Policy Statement and Reason

For the purpose of this policy, employees include faculty and staff unless otherwise indicated in sections below. All provisions of this policy apply, except that for employees covered by a collective bargaining agreement, this policy does not create any benefits not expressly provided by that collective bargaining agreement and if there are inconsistencies between this policy and the collective bargaining agreement, the terms of the collective bargaining agreement will govern. 

The College welcomes “qualified” (see: Definitions below) faculty and staff employees with disabilities to Emerson and is committed to providing an inclusive work environment where all employees have an equal employment opportunity to contribute and participate. Toward that end, the College makes reasonable accommodations (“accommodations”) to qualified individuals with disabilities or serious medical conditions in accordance with this policy, the Americans with Disabilities Act and other federal, state and local disability laws.

The Leave of Absence Administrator, Human Resources, is responsible for managing accommodation requests. Chairs, supervisors, and others in management should contact Human Resources regarding disability disclosures from faculty and staff employees, work-related issues resulting from the disability or other serious medical conditions and/or if faculty or staff request accommodations due to a physical or mental health disability or serious medical condition. 

Student requests for accommodations are coordinated through the Student Accessibility Services Office (SAS).


Essential job function: Fundamental job duties of the position the individual with a disability holds or desires. The term "essential functions" does not include the marginal functions of the position. A job function may be considered essential for any of several reasons, including but not limited to the following:

  • The function may be essential because the reason the position exists is to perform that function
  • The function may be essential because of the limited number of employees available among whom the performance of that job function can be distributed, and/or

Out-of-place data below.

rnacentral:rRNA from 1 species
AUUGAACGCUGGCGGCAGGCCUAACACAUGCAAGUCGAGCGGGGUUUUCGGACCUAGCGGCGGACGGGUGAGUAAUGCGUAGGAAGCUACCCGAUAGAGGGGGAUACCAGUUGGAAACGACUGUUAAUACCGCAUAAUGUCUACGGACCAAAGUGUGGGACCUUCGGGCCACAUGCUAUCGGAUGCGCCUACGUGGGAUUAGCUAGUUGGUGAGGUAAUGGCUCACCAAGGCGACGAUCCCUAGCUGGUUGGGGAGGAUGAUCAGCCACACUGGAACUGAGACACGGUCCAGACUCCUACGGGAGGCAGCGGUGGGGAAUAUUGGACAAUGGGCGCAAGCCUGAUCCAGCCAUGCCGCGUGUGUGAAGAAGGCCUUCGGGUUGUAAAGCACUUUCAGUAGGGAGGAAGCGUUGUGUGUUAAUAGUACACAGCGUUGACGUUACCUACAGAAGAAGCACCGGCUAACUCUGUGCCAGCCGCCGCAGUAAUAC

• The function may be highly specialized so that the incumbent in the position is hired for his or her expertise or ability to perform the particular function
  • The frequency with which a particular job function is performed may be relevant to the determination of whether the function is an essential job function

Disability: A physical or mental impairment that limits one or more major life activities, a record of such an impairment or being regarded as having such an impairment.

Qualified individual with a disability: A person with a disability who satisfies the requisite skill, experience, education and other job-related requirements of the employment position such individual holds or desires, and who, with or without reasonable accommodation, can perform the essential functions of such position.

Reasonable accommodation: A modification or adjustment to a job, the work environment or the way things usually are done that enables a qualified individual with a disability to enjoy an equal employment opportunity. Examples:

  • Modifications or adjustments to a job application process that enable a qualified applicant with a disability to be considered for the position such qualified applicant desires
  • Modifications or adjustments to the work environment, or to the manner or circumstances under which the position held or desired is customarily performed, that enable a qualified individual with a disability to perform the essential functions of that position
  • Modifications or adjustments that enable an employee with a disability to enjoy equal benefits and privileges of employment as are enjoyed by its other similarly situated employees without disabilities